Stay with Spotlight!

    We at Spotlight produce our own in-house audio material. With Spotlight Audio or Spotlight express, you can improve your comprehension skills, expand your vocabulary and practise listening to different English accents. Visit www.spotlight-online.de/audio and the listening section of our website.


    Readers’ tips

    • “I listen to www.audible.de all the time, sometimes even when I’m asleep!”
      Ulrich B.
    • “Listen, listen, listen … something will always stick, even if you don’t have much time.”
      Daniela W.
    • “The more often you watch your favourite film in English, the better you’ll remember certain words and phrases.”
      Astrid W.





    A selection of tips for speaking:


    Be your own commentator

    When you are doing routine choreHausarbeitchores, keep a running commentary going in your head about what you’re doing. Imagine you are a TV commentator. Even if you’re doing something boring, pretend that the world is watching you — “He’s taken the socks out of the washing machine. Will he find all the pairs?”


    English and a pint

    Have you been to your local Irish pub? The bar staffPersonal, Mitarbeiterstaff are usually Irish, so you can order your drinks in English if you like — and have a chat if the pub is quiet. Most Irish pubs have regular evenings of Irish music, quizzes and other English-language events.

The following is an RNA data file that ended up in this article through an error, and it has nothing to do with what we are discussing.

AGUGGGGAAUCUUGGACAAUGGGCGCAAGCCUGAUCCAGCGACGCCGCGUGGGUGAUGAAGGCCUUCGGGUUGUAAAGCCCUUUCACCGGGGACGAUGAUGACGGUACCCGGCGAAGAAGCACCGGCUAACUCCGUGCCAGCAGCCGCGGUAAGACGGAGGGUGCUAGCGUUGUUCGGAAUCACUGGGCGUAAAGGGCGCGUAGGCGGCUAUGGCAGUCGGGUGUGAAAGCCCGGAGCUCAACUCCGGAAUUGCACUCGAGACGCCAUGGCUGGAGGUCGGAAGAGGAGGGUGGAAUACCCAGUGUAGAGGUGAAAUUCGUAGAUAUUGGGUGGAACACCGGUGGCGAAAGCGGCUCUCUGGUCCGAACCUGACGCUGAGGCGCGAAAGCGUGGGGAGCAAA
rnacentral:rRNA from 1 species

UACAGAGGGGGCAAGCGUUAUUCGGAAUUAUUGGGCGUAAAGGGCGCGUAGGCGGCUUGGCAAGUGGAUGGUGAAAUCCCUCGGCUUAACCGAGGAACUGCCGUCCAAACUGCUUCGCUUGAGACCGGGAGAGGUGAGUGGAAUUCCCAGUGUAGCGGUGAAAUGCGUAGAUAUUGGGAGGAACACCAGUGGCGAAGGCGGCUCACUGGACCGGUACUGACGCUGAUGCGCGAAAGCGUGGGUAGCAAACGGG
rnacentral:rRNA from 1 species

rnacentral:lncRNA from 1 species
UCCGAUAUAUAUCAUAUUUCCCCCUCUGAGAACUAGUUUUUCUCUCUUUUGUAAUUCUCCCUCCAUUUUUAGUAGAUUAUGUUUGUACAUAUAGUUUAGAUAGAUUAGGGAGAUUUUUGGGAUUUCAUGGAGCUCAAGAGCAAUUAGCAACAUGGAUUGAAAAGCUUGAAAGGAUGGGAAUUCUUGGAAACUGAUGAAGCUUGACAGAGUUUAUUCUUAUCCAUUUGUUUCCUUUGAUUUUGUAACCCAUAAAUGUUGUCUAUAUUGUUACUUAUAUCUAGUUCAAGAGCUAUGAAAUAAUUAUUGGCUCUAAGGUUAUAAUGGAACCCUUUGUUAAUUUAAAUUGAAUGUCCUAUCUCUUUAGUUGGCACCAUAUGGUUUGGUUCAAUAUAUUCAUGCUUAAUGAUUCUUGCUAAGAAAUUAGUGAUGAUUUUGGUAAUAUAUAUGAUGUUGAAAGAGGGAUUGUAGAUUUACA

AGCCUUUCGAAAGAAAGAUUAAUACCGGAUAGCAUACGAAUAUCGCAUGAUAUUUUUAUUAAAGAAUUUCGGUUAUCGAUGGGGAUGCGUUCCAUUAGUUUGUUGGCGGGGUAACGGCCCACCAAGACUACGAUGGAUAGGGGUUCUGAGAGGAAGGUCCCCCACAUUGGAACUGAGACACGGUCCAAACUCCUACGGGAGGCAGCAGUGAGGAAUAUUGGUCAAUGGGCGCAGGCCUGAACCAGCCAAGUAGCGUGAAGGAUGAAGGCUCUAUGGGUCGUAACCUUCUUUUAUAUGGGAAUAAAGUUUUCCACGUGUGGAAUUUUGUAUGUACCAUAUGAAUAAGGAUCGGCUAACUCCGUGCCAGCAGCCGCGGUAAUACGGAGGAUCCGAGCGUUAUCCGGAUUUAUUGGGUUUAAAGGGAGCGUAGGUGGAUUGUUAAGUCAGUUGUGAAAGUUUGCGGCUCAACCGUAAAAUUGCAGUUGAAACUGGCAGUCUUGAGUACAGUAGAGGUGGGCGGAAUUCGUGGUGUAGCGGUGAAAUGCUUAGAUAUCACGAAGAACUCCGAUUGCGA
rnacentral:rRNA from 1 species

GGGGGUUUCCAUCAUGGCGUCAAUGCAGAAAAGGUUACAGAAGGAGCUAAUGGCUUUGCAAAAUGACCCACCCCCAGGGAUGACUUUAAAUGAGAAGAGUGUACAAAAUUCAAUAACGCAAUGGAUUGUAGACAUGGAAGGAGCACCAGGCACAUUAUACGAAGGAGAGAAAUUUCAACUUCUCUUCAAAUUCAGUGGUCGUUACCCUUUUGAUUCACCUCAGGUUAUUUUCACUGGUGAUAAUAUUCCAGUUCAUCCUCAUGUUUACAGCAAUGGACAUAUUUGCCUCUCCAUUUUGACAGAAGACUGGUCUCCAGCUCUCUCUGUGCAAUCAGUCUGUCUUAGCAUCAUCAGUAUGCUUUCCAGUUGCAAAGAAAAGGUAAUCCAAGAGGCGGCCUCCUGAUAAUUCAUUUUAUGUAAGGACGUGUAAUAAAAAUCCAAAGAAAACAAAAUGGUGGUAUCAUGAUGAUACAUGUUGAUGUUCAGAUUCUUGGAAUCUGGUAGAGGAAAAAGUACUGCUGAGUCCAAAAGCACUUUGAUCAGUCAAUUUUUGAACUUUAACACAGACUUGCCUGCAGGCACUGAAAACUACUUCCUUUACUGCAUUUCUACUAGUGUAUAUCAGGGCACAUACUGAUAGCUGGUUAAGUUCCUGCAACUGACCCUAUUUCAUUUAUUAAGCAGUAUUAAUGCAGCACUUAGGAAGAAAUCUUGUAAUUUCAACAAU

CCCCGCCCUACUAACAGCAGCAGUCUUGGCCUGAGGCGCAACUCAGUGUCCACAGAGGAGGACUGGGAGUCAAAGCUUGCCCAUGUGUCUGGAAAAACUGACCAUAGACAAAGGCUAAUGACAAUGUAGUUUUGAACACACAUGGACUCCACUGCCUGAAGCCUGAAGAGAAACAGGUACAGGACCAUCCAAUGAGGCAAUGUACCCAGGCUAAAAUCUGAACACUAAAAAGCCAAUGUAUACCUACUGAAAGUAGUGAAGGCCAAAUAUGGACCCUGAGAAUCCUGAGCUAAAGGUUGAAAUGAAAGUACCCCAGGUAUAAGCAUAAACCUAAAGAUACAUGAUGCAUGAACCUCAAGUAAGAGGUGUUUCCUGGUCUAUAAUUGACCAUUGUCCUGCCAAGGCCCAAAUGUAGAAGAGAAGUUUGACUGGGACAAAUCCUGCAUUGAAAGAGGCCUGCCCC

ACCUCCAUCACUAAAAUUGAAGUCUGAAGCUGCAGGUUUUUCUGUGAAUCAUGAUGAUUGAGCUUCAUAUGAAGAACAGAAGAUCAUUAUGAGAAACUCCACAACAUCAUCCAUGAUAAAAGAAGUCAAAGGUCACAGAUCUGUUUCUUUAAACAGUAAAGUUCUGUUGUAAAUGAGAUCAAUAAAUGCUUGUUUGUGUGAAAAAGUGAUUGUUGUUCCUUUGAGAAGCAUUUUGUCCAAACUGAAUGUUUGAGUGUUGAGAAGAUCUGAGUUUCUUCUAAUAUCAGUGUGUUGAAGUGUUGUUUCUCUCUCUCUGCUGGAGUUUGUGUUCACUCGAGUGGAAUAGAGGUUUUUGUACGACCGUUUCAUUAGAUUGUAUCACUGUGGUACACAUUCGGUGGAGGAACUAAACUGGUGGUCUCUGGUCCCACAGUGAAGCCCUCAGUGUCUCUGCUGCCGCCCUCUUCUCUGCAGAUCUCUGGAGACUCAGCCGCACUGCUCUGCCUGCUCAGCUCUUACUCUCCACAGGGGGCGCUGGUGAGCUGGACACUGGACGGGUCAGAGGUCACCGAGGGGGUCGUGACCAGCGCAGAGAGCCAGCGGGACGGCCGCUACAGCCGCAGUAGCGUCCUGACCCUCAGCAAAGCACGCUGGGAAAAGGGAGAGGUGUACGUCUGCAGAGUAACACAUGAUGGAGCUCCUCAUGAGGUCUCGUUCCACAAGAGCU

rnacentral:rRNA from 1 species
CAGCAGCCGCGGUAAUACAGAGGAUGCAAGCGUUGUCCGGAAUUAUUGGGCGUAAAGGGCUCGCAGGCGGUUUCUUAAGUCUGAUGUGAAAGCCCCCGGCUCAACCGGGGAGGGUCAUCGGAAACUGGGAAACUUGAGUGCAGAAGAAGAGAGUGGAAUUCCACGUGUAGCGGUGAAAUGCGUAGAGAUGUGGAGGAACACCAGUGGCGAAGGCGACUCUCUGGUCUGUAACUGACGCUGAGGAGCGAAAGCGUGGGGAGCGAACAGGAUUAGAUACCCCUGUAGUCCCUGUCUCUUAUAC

Brush up your vocabulary

    Do you feel like you can never think of the right word to use at the right time? Then give your vocabulary a chance to expand by downloading Spotlight’s free Word of the Day app. Get a new word or phrase every day, learn how to pronounce it correctly and see how it is used in context.


    Readers’ tips

    • “You get through the language barrier by deliberately getting yourself into situations where you simply have to use English.”
      Almuth M.
    • “Don’t panic, just talk!”
      Ilka F.